FIG. 14 is a block diagram of an example network operating environment 1400 for mobile devices, according to an embodiment. Mobile device 1402A and mobile device 1402B can, for example, communicate over one or more wired and/or wireless networks 1410 to perform data communication. For example, a wireless network 1412, e.g., a cellular network, can communicate with a wide area network 1414, such as the Internet, by use of a gateway 1416. Likewise, an access device 1418, such as a mobile hotspot wireless access device, can provide communication access to the wide area network 1414.

In some implementations, both voice and data communications can be established over the wireless network 1412 and/or the access device 1418. For example, mobile device 1402A can place and receive phone calls (e.g., using VoIP protocols), send and receive e-mail messages (e.g., using POP3 protocol), and retrieve electronic documents and/or streams, such as web pages, photographs, and videos, over the wireless network 1412, gateway 1416, and wide area network 1414 (e.g., using TCP/IP or UDP protocols). In some implementations, mobile device 1402A can place and receive phone calls, send and receive e-mail messages, and retrieve electronic documents over the access device 1418 and the wide area network 1414. In some implementations, mobile device 1402A or mobile device 1402B can be physically connected to the access device 1418 using one or more cables and the access device 1418 can be a personal computer. In this configuration, mobile device 1402A or mobile device 1402B can be referred to as a “tethered” device.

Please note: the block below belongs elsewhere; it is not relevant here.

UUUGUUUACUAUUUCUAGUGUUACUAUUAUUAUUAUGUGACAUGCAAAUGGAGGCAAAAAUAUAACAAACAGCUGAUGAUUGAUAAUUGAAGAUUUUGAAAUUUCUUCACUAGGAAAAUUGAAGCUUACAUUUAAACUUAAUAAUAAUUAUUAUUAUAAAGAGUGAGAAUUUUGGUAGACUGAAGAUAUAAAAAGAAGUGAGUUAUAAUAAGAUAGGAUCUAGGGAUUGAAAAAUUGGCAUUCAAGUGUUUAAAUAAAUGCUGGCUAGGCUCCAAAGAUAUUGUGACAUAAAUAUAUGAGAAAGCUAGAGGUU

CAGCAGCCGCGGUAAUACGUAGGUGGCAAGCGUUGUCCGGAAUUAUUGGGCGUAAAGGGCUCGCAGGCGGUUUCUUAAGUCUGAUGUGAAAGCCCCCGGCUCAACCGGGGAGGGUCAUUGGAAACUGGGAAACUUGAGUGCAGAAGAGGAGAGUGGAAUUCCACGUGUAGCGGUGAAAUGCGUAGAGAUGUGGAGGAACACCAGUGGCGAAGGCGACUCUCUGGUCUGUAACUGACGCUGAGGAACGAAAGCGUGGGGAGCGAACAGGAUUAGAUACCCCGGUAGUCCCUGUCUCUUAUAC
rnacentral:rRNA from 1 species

Mobile device 1402A or mobile device 1402B can communicate with one or more services, such as a navigation service 1430, a messaging service 1440, a media service 1450, a storage service 1460, and a telephony service 1470 over the one or more wired and/or wireless networks 1410. For example, the navigation service 1430 can provide navigation information, e.g., map information, location information, route information, and other information. The messaging service 1440 can, for example, provide e-mail and/or other messaging services. The media service 1450 can, for example, provide access to media files, such as song files, audio books, movie files, video clips, and other media data. A storage service 1460 can provide network storage capabilities to mobile device 1402A and mobile device 1402B to store documents and media files. A telephony service 1470 can enable telephonic communication between mobile device 1402A and mobile device 1402B, or between a mobile device and a wired telephonic device. The telephony service 1470 can route voice over IP (VoIP) calls over the wide area network 1414 or can access a cellular voice network (e.g., wireless network 1412). Other services can also be provided, including a software update service to update operating system software or client software on the mobile devices.